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-rw-r--r--documentation/kernel-manual/kernel-how-to.xml144
1 files changed, 72 insertions, 72 deletions
diff --git a/documentation/kernel-manual/kernel-how-to.xml b/documentation/kernel-manual/kernel-how-to.xml
index 0e344c44a9..0f7e03f23f 100644
--- a/documentation/kernel-manual/kernel-how-to.xml
+++ b/documentation/kernel-manual/kernel-how-to.xml
@@ -41,16 +41,16 @@
</para>
<para>
You can find the files used to describe all the valid features and BSPs in the Yocto Project
- kernel in any clone of the kernel git tree.
+ kernel in any clone of the kernel Git tree.
The directory <filename>meta/cfg/kernel-cache/</filename> is a snapshot of all the kernel
configuration and feature descriptions (.scc) used to build the kernel repository.
You should realize, however, that browsing the snapshot of feature
descriptions and patches is not an effective way to determine what is in a
particular kernel branch.
- Instead, you should use git directly to discover the changes
+ Instead, you should use Git directly to discover the changes
in a branch.
- Using git is an efficient and flexible way to inspect changes to the kernel.
- For examples showing how to use git to inspect kernel commits, see the following sections
+ Using Git is an efficient and flexible way to inspect changes to the kernel.
+ For examples showing how to use Git to inspect kernel commits, see the following sections
in this chapter.
</para>
<note><para>
@@ -91,13 +91,13 @@
<listitem><para>The script is executed, and a meta-series is produced.
The meta-series is a description of all the branches, tags, patches and configurations that
- need to be applied to the base git repository to completely create the
+ need to be applied to the base Git repository to completely create the
BSP source (build) branch.</para></listitem>
<listitem><para>The base repository is cloned, and the actions
listed in the meta-series are applied to the tree.</para></listitem>
- <listitem><para>The git repository is left with the desired branch checked out and any
+ <listitem><para>The Git repository is left with the desired branch checked out and any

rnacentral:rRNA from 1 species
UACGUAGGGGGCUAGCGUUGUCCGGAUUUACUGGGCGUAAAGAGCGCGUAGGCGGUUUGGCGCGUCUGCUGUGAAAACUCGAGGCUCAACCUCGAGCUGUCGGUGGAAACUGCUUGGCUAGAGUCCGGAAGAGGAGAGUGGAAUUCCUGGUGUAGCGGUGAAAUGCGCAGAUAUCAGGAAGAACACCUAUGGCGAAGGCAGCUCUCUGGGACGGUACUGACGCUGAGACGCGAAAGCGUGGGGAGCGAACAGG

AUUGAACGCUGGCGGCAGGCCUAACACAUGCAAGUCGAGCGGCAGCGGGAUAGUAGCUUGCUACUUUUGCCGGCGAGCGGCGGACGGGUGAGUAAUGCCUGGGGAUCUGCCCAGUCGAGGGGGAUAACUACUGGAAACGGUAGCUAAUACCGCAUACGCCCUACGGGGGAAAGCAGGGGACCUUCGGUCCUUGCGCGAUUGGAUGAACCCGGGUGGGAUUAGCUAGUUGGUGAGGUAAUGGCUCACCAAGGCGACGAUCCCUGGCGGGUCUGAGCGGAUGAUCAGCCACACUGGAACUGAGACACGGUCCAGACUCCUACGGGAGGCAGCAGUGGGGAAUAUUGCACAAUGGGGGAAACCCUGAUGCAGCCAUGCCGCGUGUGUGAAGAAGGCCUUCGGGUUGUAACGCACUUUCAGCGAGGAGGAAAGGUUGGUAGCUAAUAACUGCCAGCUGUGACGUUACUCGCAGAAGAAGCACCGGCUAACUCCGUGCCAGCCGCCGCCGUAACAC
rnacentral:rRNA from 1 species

required branching, patching and tagging has been performed.</para></listitem>
</orderedlist>
</para>
@@ -137,7 +137,7 @@ A summary of end user tree construction activities follow:
<itemizedlist>
<listitem><para>compile and link a full top-down kernel description from feature descriptions</para></listitem>
<listitem><para>execute the complete description to generate a meta-series</para></listitem>
- <listitem><para>interpret the meta-series to create a customized git repository for the
+ <listitem><para>interpret the meta-series to create a customized Git repository for the
board</para></listitem>
<listitem><para>migrate configuration fragments and configure the kernel</para></listitem>
<listitem><para>checkout the BSP branch and build</para></listitem>
@@ -153,7 +153,7 @@ A summary of end user tree construction activities follow:
</para>
<itemizedlist>
- <listitem><para>There must be a kernel git repository indicated in the SRC_URI.</para></listitem>
+ <listitem><para>There must be a kernel Git repository indicated in the SRC_URI.</para></listitem>
<listitem><para>There must be a BSP build branch - &lt;bsp name&gt;-&lt;kernel type&gt; in 0.9 or
&lt;kernel type&gt;/&lt;bsp name&gt; in 1.0.</para></listitem>
</itemizedlist>
@@ -186,7 +186,7 @@ A summary of end user tree construction activities follow:
</para>
<para>The other thing that you will first see once you configure a kernel is that
- it will generate a build tree that is separate from your git source tree.
+ it will generate a build tree that is separate from your Git source tree.
This build tree has the name using the following form:
<literallayout class='monospaced'>
linux-&lt;BSPname&gt;-&lt;kerntype&gt;-build
@@ -203,7 +203,7 @@ A summary of end user tree construction activities follow:
The files include the final <filename>.config</filename>, all the <filename>.o</filename>
files, the <filename>.a</filename> files, and so forth.
Since each BSP has its own separate build directory in its own separate branch
- of the git tree you can easily switch between different BSP builds.
+ of the Git tree you can easily switch between different BSP builds.
</para>
</section>
@@ -222,7 +222,7 @@ to be used or not. The 2.0 release already made use of some stateful
construction of series files, but since the delivery mechanism was unchanged
(tar + patches + series files), most people were not aware of anything really
different. The 3.0 release continues with this stateful construction of
-series files, but since the delivery mechanism is changed (git + branches) it
+series files, but since the delivery mechanism is changed (Git + branches) it
now is more apparent to people.
</para>
<para>
@@ -231,7 +231,7 @@ compiler". Its role is to combine feature descriptions into a format that can
be used to generate a meta-series. A meta series contains all the required
information to construct a complete set of branches that are required to
build a desired board and feature set. The meta series is interpreted by the
-kgit tools to create a git repository that could be built.